There is an environmental and philosophical element to scavenging. The authors were honest, as I see it, in stating that “Productive capitalism has been proven over the centuries to create the largest amount of wealth for the greatest number of people” (p. 85-6). They point out that capitalism’s “no longer hidden flaw is that it tended to damage the environment in the process.” Scavenging, therefore, keeps things out of the wasteyards and is even an improvement over recycling which only recovers some raw materials. The authors boldly write, “Scavengers hate waste. Of course, we depend on the constant presence of a certain quantity of waste. Discards are our supplies. If all consumers stopped discarding stuff, what could we scavenge? The more waste, the more for us. Okay. So, in a certain sense, we also love waste, since we benefit from it” (p. 12). The ironies are not lost on these authors!

So, how far should we go with our praise of scavenging? For the authors, scavenging has become a sort of religion. They see it as a mystical process in which the “Universe” supplies them their needs. I don’t agree. But what I do know is that God is my Provider. If I look to Him to meet my needs, while I look to meet the needs of those around me, I have this assurance from the apostle Paul: “And my God will supply all your needs according to His riches in glory in Christ Jesus” (Philippians 4:19). I must remember that God allows times of “getting along with humble means” as well as times of “living in prosperity,” as He allowed the apostle Paul to experience in his life (see Philippians 4:12). These authors went so far as to believe that they “were meant” to keep a painting and display it in their home just because they had discovered it along a sidewalk where someone was throwing it out–and they did not even like the painting! This practice is quite the opposite of what William Morris advocated with his famous quotation: “Have nothing in your house that you do not know to be useful, or believe to be beautiful” (1834-1986). We aren’t called to keep everything we find! God gave us minds that can reason. Surely, God is not calling us to become junk collectors or pack rats or hoarders.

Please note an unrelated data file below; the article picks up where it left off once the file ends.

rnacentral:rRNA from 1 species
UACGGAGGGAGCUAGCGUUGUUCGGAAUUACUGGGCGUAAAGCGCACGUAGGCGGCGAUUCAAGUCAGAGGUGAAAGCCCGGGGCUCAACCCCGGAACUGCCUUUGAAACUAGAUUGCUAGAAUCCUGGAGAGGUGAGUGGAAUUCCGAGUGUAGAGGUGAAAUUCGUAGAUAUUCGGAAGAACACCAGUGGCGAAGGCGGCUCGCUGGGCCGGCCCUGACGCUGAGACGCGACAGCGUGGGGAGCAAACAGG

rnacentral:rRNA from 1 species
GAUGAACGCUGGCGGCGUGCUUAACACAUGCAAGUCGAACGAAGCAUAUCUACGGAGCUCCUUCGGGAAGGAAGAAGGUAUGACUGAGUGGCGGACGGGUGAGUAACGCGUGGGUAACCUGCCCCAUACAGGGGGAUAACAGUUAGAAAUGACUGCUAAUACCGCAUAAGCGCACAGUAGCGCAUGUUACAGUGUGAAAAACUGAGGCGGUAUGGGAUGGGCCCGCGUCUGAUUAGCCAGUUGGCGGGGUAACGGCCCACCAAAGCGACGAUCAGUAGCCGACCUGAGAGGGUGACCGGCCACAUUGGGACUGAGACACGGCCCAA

What I would especially like to take away from this book and apply to my life is the encouragement to delay gratification by taking the time to wait until a bargain is found, whenever possible, and to look for what I need in alternative places. I’d like to become willing to put the work into this that it requires. As the authors point out, the process requires vigilance–so the waiting is not a passive time; it is a time of active searching and watching. As for me, I will also want to be praying for God’s leading and help.

Has my review of The Scavengers’ Manifesto inspired you to try out any new scavenging “identities”?